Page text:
We’ll begin with a telling quote about investment cost.
“Whether markets are efficient or inefficient, investors as a group must fall short of the market return by the amount of the costs they incur.” – John Bogle
So what does Investment cost mean?
It’s the cost of investing or the fees associated with particular investments such as commissions paid and annual fees. Market returns are unpredictable but investment cost can be known.
When investing, you shouldn’t assume that because you’re paying higher costs, it means you’re receiving a better product. It’s possible that the higher cost is made up for by an excellent manager, but in most cases and especially between similar passively managed funds, the lower cost fund is a better option.
For example, 50 years ago you invested $10,000 in a fund that returned the S&P 500 historical average of 9.1%* per year. But unfortunately, you made the mistake of paying 1.5%** year rather than investing in an identical fund that charged nothing.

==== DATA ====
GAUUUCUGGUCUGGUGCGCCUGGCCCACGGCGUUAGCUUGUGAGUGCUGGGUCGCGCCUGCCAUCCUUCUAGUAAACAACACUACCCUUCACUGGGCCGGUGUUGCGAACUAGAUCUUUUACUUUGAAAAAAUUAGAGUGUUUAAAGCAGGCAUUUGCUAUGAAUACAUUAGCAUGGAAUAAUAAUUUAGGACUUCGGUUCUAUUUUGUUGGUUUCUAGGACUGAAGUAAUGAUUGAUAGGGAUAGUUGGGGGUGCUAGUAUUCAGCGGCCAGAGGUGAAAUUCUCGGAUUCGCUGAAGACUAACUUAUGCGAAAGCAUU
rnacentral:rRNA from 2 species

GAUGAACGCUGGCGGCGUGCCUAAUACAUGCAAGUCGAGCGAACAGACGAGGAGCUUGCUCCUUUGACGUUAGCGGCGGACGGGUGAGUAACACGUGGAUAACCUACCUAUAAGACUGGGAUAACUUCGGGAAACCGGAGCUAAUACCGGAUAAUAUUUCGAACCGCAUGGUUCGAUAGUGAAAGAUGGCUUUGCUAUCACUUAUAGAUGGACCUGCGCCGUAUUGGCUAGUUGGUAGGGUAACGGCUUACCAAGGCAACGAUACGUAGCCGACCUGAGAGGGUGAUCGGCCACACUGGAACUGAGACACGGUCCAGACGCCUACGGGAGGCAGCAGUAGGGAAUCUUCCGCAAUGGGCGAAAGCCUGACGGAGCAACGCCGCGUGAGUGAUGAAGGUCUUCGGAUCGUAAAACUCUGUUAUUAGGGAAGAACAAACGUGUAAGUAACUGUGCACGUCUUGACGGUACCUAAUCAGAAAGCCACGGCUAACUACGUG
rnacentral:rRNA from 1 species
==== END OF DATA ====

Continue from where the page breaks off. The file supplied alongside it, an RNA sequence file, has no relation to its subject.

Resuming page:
Over that time span, you would have given up 47% of your potential earnings, equating to $360,000.
So next time you think about investing, invest some time in understanding the fees and then minimizing them. In 50 years you’ll be thankful that you took an extra 30 minutes today to do it.
If you are already invested in a higher cost fund, try using Vanguard’s calculator to see what you’re losing out on. (If you’re making the change in a taxable account, don’t forget about your tax consequences if you have gains).
*9.11% was the S&P 500’s average compounded annual growth rate from 1871 to 2015.
**1.5% is around the average actively managed mutual fund expense ratio according to Motley Fool